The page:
Leerink analyst Geoffrey Porges has often been willing to prescribe harsh medicine to big biopharma players that need to wake up fast. This morning, he took a hard poke at a slumbering Gilead, which he believes is in for a wicked fall as its monumental hep C franchise faces rapidly dropping patient numbers.
Porges downgraded the stock $GILD – which dropped 1.5% this morning – after he turned openly bearish on hep C revenue forecasts. The analyst writes:
Put simply HCV is turning out to be a “flash-in-the-pan” market, just as it has been in past cycles, and despite the large pool of “treatable” patients, and we believe the market volume could potentially decline all the way from last year’s ~270,000 patients treated in the US (total market) to the long-term average volume of 60-70,000 treatment presentations per year with a similar or lower number in Europe.
Once it became clear that Gilead was quickly moving past its peak on hep C, a number of analysts quickly began to stoke expectations for a major M&A deal. After all, Gilead made the big score in curing hepatitis C by buying Pharmasset in a jaw-dropping $11 billion buyout. And it’s sitting on a mountain of cash. But despite some dealmaking and a big licensing pact with Galapagos, it hasn’t done nearly as much as many had hoped to see.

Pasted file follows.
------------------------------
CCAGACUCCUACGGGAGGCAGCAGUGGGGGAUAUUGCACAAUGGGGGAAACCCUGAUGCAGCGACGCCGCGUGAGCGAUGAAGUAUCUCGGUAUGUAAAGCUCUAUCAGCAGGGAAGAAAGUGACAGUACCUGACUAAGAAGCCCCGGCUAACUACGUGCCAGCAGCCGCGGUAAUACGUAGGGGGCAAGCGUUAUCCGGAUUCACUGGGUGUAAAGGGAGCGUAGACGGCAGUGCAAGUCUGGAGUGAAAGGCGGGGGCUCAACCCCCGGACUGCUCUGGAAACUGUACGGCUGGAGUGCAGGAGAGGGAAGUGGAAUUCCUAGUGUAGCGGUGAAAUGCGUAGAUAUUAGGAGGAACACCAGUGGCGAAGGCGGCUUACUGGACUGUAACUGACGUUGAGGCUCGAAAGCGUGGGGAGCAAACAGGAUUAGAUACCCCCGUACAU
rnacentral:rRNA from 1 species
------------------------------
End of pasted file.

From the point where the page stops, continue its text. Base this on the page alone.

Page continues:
You can include Porges in that group, with a vengeance. He describes Gilead’s executive team as standing in the way of an onrushing stampede of bears.
As to the company’s much heralded business development strategy and opportunities, we fear that the company has become paralyzed by its size and good fortune, and the uncertainty about its outlook and its capabilities. Its communications about its strategy and intent have been confusing, and the company appears unwilling to match the market’s price for high quality assets, or to invest the cash necessary to build a pipeline, and a future, for a company of its size. When deals do come (which they undoubtedly will), we fear that there may be a resounding chorus of disappointment, based on being too little and too late, to offset the $5bn in revenue erosion we now forecast between 2015 and 2020. In our opinion Gilead needs to be contemplating the type of large transactions that diversify it away from these antiviral franchises, and offer the prospect of substantial incremental revenue, and a return to growth, in a reasonably foreseeable future. While the internal pipeline has some promise, it seems to us to be no more than a drop in the bucket for a company of its present size and valuation.
Of course, Porges’ advice has also been ignored. He wanted Amgen to spit up, but that never happened. Something has to happen at Gilead, though. And Porges leads us to believe that it had better be quick and impressive.
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